As we look back at 2023, it will be remembered as a year of challenge and uncertainty.
The economy was largely seen in the prism of stagnant growth, squeezed consumer spending and flatlining investment.
Workforce shortages, rising interest rates, supply chain challenges and poorly designed regulation dominated conversations across Scotland’s business community.
Scottish Chambers of Commerce (SCC) continued to act as a vital vocal advocate to make sure every business has a fighting chance to survive and grow.
Relationship reset was ‘crucial first step’ in tackling business concerns
That’s why our call for the Scottish Government to reset the relationship with business was a crucial first step to addressing the concerns of major employers in Scotland. It is well known the relationship has been tested in recent years as competing policy priorities have burdened business with additional regulations and costs.
But after months of constructive engagement through the New Deal for Business Group set up by the first minister, we now have a new approach of engagement and accountability.
Workforce shortages, rising interest rates, supply chain challenges and poorly designed regulation dominated conversations across Scotland’s business community.”
As chambers, we are prioritising key policies that impact every business in Scotland.
These include non-domestic rates, regulation and taxation.
There is a long way to go to resetting the relationship but the signal of intent to improve the current position by government is valued by the business community.
The reset of the relationship between business and government is an important step to support Scotland’s economy to grasp the transformational opportunities that lie ahead.
This country’s economy has certainly undergone significant transformations throughout its history, adapting to changes in industrialisation and global dynamics.
How we lead this next transformation will determine the future success of generations to come.
Looking ahead, I have no doubt that by focusing on three things – competitiveness, internationalisation and sustainability – Scotland is well-positioned to capture future sustainable economic growth.
Taking each in turn, how can we restore competitiveness?
I’d call on all governments to avoid policy decisions which create unintended consequences against businesses. And I’d ask our leaders to stop taxing and disincentivising business growth and entrepreneurship.
While Scotland remains an excellent place to do business, it’s clear that uncompetitive aspects of the tax environment are holding our economy back from fulfilling its potential.
That’s why we need a long-term tax strategy and a clear policy agenda which is laser-focused on building back business confidence and investment.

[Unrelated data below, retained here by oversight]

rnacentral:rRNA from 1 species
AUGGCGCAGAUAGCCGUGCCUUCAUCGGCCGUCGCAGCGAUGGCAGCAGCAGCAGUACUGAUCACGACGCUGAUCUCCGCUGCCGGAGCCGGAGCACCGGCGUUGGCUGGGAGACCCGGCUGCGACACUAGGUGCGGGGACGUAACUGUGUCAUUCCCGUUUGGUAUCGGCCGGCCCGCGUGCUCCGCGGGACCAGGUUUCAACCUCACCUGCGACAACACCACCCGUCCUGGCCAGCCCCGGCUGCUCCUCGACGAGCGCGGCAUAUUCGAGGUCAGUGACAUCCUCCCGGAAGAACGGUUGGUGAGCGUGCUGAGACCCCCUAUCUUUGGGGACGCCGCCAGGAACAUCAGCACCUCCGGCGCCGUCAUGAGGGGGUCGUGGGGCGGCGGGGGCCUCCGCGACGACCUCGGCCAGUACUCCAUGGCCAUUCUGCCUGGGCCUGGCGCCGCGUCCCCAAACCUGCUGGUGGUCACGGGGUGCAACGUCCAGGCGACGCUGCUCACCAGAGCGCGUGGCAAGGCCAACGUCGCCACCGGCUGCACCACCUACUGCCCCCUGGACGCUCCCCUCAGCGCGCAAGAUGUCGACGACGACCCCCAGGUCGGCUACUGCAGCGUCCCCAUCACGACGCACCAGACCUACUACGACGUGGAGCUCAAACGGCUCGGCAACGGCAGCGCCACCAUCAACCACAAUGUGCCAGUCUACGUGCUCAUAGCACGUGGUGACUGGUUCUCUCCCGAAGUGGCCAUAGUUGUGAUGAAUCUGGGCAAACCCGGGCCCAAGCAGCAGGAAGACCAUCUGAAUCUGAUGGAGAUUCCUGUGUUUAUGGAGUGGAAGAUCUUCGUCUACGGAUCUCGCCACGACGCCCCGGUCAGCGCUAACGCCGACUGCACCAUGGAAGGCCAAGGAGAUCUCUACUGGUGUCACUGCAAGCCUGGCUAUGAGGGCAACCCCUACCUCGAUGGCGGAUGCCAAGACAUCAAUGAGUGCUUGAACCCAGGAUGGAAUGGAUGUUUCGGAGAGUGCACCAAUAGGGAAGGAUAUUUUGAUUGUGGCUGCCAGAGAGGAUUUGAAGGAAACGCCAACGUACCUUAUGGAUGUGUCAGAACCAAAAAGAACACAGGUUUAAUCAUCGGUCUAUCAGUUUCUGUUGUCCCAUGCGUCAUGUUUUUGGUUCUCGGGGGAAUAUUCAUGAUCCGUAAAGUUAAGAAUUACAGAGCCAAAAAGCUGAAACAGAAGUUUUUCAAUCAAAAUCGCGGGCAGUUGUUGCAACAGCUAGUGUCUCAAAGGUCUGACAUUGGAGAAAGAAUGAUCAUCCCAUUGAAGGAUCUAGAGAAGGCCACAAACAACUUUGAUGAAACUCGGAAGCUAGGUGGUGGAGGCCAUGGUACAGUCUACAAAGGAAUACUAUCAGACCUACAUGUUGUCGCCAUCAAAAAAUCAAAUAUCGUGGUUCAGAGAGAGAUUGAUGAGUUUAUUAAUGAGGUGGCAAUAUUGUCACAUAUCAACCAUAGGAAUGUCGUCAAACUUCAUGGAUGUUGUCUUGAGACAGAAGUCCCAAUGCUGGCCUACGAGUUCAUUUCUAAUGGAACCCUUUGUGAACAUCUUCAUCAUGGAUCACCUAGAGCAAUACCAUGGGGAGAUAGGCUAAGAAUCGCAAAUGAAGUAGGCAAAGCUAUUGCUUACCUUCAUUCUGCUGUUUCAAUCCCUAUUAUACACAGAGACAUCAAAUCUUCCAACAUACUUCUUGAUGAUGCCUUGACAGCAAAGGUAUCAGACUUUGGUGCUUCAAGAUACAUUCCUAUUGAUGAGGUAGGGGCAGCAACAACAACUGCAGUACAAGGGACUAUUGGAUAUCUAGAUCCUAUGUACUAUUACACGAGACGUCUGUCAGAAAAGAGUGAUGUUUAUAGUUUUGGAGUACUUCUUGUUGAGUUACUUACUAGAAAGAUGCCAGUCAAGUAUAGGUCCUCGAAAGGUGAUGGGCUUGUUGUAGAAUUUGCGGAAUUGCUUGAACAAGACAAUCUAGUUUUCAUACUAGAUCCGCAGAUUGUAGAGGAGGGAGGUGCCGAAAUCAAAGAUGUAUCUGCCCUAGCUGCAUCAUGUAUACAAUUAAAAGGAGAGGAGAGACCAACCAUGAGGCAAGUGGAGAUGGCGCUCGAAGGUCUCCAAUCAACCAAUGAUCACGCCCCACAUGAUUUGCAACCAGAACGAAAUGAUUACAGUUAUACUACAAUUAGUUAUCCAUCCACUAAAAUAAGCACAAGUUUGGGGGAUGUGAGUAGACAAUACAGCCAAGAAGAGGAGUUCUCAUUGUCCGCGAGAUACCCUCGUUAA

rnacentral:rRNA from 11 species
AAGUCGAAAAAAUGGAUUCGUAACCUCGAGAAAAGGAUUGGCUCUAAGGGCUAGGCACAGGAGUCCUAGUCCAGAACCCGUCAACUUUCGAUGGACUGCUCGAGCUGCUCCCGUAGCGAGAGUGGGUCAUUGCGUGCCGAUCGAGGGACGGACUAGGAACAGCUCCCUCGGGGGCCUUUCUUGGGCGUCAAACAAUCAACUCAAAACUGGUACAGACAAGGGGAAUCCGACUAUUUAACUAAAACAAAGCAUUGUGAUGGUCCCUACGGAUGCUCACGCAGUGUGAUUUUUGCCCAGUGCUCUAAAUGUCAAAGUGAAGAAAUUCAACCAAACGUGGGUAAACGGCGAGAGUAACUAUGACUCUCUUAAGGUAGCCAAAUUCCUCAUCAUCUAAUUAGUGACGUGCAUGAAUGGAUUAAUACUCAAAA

Turning to international trade, we all agree exporting and internationalisation must be
rapidly expanded to increase the number of Scottish companies doing business abroad.
From a chambers perspective, we believe collaboration and partnership is the route to turning the dial.
A recent evaluation report into Scotland’s export promotion support underscores this approach. Four in five (80%) of firms found our chamber network trade missions useful in helping to introduce new products to export markets.
The collective Team Scotland approach is on track to deliver an additional £4 billion-worth of export sales. Clearly, this route is key to scaling and growing our international ambitions.
Finally, sustainability. We are all alert to the opportunities and challenges to deliver
sustainable economic growth that supports net-zero ambitions.
That’s why the Scottish chambers network led this agenda and showcased our potential to the world at COP28 in Dubai, in partnership with the Scottish Government.
SCC led a delegation comprising 19 Scottish companies who showcased our solutions
and innovations to reaching net-zero. It highlighted our global reputation, attracting
investment into Scotland.
#COP28 is an opportunity to highlight the economic opportunities of a net zero future.
At @HWUDubai I welcomed 🏴 Scotland's delegation of 19 leading net zero companies.
Showcasing their expertise in agri+climate tech, data, space, hydrogen, tidal, and energy transition. pic.twitter.com/iVOcD6FQDn
— Humza Yousaf (@HumzaYousaf) December 4, 2023
We must continue to work collectively to deliver our just transition to net-zero and join forces with our international partners.
With business investment critical to putting Scotland back on a growth trajectory, we urgently need firms to unleash investment to unlock jobs and growth.
We should be more ambitious and competitive on business rates. And we should be committing to transform the planning system to stop delaying critical green energy and infrastructure projects.
Is our Scottish education and skills system fit for purpose?
We must also continue to look at the education and skills system to make sure it is delivering the skills we need for a modern, digital economy.
Closer collaboration is the route to economic growth and the responsibility of facilitating that lies with both business and government. We have sown the seeds during the past year and 2024 must deliver the results the business community expects.
Liz Cameron is chief executive of the Scottish Chambers of Commerce.